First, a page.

Per the ESPN story linked above, there's another lawsuit heading to challenge the NCAA's current "salary cap" of scholarships and prohibition of almost any other sources of income.
The move comes on the heels of a similar, if less aggressive, claim filed earlier this month by a Seattle firm on behalf of former West Virginia running back Shawne Alston. In that suit, which does not include current players, the same defendants that Kessler's group is targeting were asked to pay damages for the difference in the value of an athletic scholarship and the full cost of attendance -- an amount equivalent to several thousand dollars annually. By contrast, the Kessler suit dispenses with the cost-of-attendance argument and does not ask for damages as a group. It simply states that no cap is legal in a free market, and asks the judge to issue an injunction against the NCAA ending the practice. It contends that NCAA member universities are acting as a "cartel" by fixing the prices paid for athletes, who presumably would receive offers well in excess of tuition, room, board and books if not restricted by NCAA rules.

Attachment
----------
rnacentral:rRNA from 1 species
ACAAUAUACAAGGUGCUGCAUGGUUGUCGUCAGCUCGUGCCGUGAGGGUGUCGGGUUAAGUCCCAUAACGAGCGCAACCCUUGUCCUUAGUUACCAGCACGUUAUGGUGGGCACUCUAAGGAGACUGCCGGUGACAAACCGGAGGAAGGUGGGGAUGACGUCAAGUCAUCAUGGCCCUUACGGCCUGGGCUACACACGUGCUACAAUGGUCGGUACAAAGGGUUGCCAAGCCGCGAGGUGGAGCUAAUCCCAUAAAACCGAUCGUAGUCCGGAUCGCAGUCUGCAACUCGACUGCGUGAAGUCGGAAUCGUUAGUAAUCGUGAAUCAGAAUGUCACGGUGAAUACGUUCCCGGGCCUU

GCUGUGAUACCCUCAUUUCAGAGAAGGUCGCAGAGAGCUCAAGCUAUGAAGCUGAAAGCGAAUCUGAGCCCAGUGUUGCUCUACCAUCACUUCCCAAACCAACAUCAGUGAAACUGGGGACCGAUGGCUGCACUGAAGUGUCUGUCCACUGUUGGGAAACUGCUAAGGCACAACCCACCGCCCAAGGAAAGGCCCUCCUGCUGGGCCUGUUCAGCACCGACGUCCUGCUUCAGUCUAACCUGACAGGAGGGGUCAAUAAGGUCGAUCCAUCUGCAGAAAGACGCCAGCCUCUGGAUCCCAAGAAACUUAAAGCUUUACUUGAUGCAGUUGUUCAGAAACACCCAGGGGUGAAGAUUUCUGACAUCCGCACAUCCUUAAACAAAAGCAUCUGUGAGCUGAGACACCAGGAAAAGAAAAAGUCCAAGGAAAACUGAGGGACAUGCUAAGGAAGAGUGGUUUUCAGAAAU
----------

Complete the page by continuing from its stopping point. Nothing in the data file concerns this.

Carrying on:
Kessler is most famous for his work against leagues for players. He's
"a litigator with a history of victories against sports leagues reaching to the 1970s. Kessler helped bring free agency to the NFL, winning a key jury verdict for the NFL Players Association in 1992. He remains outside counsel to the NFLPA and the NBA's player union, has taken on Major League Baseball, and represented star athletes including Michael Jordan and Tom Brady. For municipal authorities, he forced the Raiders to honor their stadium lease and stay in Oakland."
Should be interesting to see where this goes...